A migration assay was performed in a transwell Boyden chamber (Becton Dickinson) using a 1% gelatin-coated polycarbonate filter with 8-μm pores. HUVEC suspension (0.1 ml; 5 × 105 cells/ml diluted in serum-free EGM-2 medium) transfected with either scrambled negative control siRNA or PDI siRNA or pretreated with 3 mM bacitracin was added to the upper compartment of the chamber. The lower compartment contained 0.6 ml of EGM-2 medium with 2% of FBS. After 4 h incubation at 37°C in normoxia or hypoxia, nonmigrant cells were removed from the upper face of the transwell membrane with a cotton swab and the cells that migrated to the lower face of the membrane were fixed with methanol and stained with 4,′6-diamidino-2-phenylindole. Migration results are presented as the mean number of cells per microscopic field at ×20 magnification.
The cell adhesion assay followed the manufacturer's protocols (ECM cell adhesion kit, Chemicon, Temecula, CA). HUVECs transfected with either negative control siRNA and PDI siRNA were seeded in 96-well plates (Chemicon) coated with collagen I, II, and IV; fibronectin; laminin; tenascin; or vitronectin and incubated at normoxia or hypoxia for 90 min. The culture medium was then discarded, and the adhered cells were gently washed with assay buffer, stained for 5 min, and followed by three washes with deionized water. Absorbance was determined at 570 nm on a microplate reader. Three replicates were performed for each ligand.
Each well of Lab-Tek 8-well chamber slides (Nunc) was coated with a thin layer of 5 μl 100% Matrigel (BD Biosciences). HUVECs were either transfected with siRNA PDI or pretreated with bacitracin at a dose of 3 mM. The cell suspensions in EGM-2MV medium were mixed with an equal volume of 4% Matrigel in EGM-2MV to make a final concentration of 1 × 105 cells/ml. Cell suspension (400 μl) was added into each well and cultured overnight in quadruplicates. The cells were fixed with Diff-Quick fixative solution (Labex) and stained with 1:1 prediluted Diff-Quik solution II. Photos were taken by light microscopy. Four different high-power fields that nearly covered the majority of the structures were blindly counted for the number of circular HUVEC networks formed. Results are presented as the mean number of networks per viewing field at ×5 magnification.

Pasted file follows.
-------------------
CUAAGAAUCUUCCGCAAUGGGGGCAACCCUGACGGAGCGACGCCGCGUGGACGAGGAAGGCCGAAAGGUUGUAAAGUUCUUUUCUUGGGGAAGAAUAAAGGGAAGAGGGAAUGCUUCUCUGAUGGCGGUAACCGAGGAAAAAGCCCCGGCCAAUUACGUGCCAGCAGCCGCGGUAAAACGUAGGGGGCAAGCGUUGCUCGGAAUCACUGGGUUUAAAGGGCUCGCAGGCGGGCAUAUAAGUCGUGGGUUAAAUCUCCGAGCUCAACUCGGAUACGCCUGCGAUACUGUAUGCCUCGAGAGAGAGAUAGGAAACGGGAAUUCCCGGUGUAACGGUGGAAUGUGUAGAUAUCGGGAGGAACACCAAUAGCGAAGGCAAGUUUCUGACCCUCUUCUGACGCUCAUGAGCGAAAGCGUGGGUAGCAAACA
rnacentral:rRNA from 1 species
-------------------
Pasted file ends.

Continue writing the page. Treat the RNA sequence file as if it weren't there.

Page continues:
Results are expressed as means ± SE. Differences between the groups were tested for statistical significance by two-way ANOVA. P values of <0.05 were considered statistically significant.
Chronic hypoxia results in reduced body weight and increased cardiac weight and hemoglobin levels.
In mice exposed to chronic hypoxia for 3 wk before MI surgery, the body weight was lower than normoxic controls but the right ventricular weight/body weight was higher (Table 1). There was no significant alteration in the left ventricular weight/body weight between the groups. The hemoglobin level was higher in the hypoxia group (Table 1). Three weeks after MI surgery, the relative weight of the left ventricle was increased compared with sham surgery, but there was no difference between mice exposed to either normoxia or hypoxia (Table 1).
Chronic hypoxia improves survival and reduces infarct size.